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141 Cards in this Set

  • Front
  • Back
The CNS consists of the ___ and ___.
brain, spinal cord
What is the primary cell of the neurological system?
neuron
What is a neuron's primary food?
glucose
What cells scan the environment, integrate information, and initiate responses to maintain body's homeostasis?
neurons
Neuroglial cells are part of what system?
CNS
Schwann cells are part of what system?
PNS
Name three types of neurons.
sensory, associated, motor
The region between adjacent neurons.
synapse
Space between the neurons.
synaptic cleft
What neuron is chemical releasing?
presynaptic neuron
What neuron is responsible for picking up chemicals and taking them away from the synapse?
postsynaptic neuron
A chemical that must be synthesized in the neuron, released into the synaptic cleft, and bind to a receptor site on the postsynaptic membrane of another neuron.
neurotransmitter
What does Zoloft do to serotonin levels?
increases levels
True or False: Neurotransmitters can move back and forth between presynaptic and postsynaptic neurons.
False: Neurotransmitters only move in one direction.
What neurotransmitter's effect is excitatory or inhibitory? (not a monoamine)
acetylcholine
What monoamine neurotransmitter's effect is excitatory or inhibitory?
norepinephrine
What two monoamines have a generally inhibitory effect?
serotonin and histamine
What is dopamine's effect?
generally excitatory
What amino acid neurotransmitter is responsible for the majority of postsynaptic inhibition in the brain?
GABA
Glycine is responsible for most postsynaptic inhibition in the ______.
spinal cord
What effect do glutamate and aspartate have?
excitatory
Substance P has what kind of effect?
generally excitatory
What two neuropeptides generally have an inhibitory effect?
endorphins and enkephalins
What part of the brain has contralateral control (cerebral impulses control function on the opposite side of the body)?
forebrain
What lobe of the brain controls goal oriented behavior, short term or recall memory, emotional, and expressive functions?
frontal lobe
What part of the brain is the major area of somatic input and sensory/motor function?
parietal lobe
What lobe of the brain controls primary visual and auditory cortexes?
occipital lobe
What area of the brain is responsible for reception and interpretation of speech-dysfunction and may cause receptive aphasia or dysphagia?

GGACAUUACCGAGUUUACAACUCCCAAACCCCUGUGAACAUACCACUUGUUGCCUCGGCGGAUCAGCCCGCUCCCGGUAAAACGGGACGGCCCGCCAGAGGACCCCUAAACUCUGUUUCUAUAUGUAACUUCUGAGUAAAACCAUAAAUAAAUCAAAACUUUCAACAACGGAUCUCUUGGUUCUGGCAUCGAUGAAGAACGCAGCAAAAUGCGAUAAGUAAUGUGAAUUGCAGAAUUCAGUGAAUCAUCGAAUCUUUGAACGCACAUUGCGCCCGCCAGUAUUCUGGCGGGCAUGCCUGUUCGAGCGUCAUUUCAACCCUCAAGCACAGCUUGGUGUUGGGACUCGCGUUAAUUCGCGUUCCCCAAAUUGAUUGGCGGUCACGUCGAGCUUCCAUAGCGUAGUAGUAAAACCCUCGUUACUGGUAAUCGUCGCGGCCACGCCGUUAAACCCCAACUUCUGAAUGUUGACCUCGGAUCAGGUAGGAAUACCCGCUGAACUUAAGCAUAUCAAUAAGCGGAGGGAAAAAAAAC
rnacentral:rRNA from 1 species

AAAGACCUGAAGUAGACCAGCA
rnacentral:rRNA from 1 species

Werniche Area
What part of the brain houses the corpus callosum?
insula
What part of the brain connects the two cerebral hemispheres and is essential in coordination of activity between the two hemispheres?
corpus collosum
What is cut in epileptic patients unresponsive to all other treatments?
corpus collosum
What is the major intergrating center for afferent impulses going to the cerebral cortex?
thalamus
What is responsible for maintenance of constant internal environment, implementation of behavioral patterns, control center for ANS function, and regulation of emotional expression?
hypothalamus
What makes up the hindbrain?
brain stem
What is responsible for balance, posture, and motor coordination?
cerebellum
How is the function of the cerebellum different from that of the cerebral cortex?
cerebellum is ipsilateral (right side of cerebellum affected, right side of body affected)
What controls respiration and is the location of cranial nerves V-VIII?
pons
What controls reflex activities (HR, BP, coughing, sneezing, etc) and is the location of cranial nerves IX-XII?
medulla oblongata
Name the three meninges.
dura mater, arachnoid, pia mater
The subdural space lies between what two meninges?
dura and arachnoid
A clear, colorless fluid that circulates within the ventricles and spaces of the brain.
cerebrospinal fluid (CSF)
What describes cellular structures that selectively inhibit certain potentially harmful substances in the blood from entering the brain or CSF?
blood-brain barrier
What two opposing systems make up the ANS?
sympathetic and parasympathetic nervous systems
What system consists of the cranial and spinal nerves?
PNS
What system in the PNS is voluntary?
somatic system
What pathways take information to the CNS?
afferent pathways
What pathways send information from the CNS to the rest of the body?
efferent pathways
What type of neurons have a myelin sheath that serves as an insulator for nerve impulses?
myelinated neurons
Sensory neurons are effective in what pathway?
afferent pathway
What type of neurons send information between neurons?
interneurons (associational)
What type of neurons send information to the body to cause an action?
motor neurons
Areas of the body that the nerve intervates.
Dermatones
What three systems interact to cause pain?
sensory, motivational, cognitive
What pain system is responsive to nerve function and has a specific intensity and location?
sensory/discriminative
What pain system is active with a learned cultural response to pain?
motivational/affective
What pain system involves an individual's intellectual ability to process pain?
cognitive/evauative
What kind of pain has a known physical cause?
somatogenic pain
What kind of pain has no known physical cause?
psychogenic pain
Superficial, acute pain.
somatic pain
Deep, acute pain.
visceral pain
Acute pain experienced in location different from area of injury.
referred pain
Pain that lasts more than six months; constant or intermittant.
chronic pain
The point at which pain is perceived.
pain threshold
Duration of time a person will endure pain before taking action.
pain tolerance
Where are pain receptors found?
skin, mucous membranes, lining of body cavities, deep tissue
What controls body temperature?
hypothalamus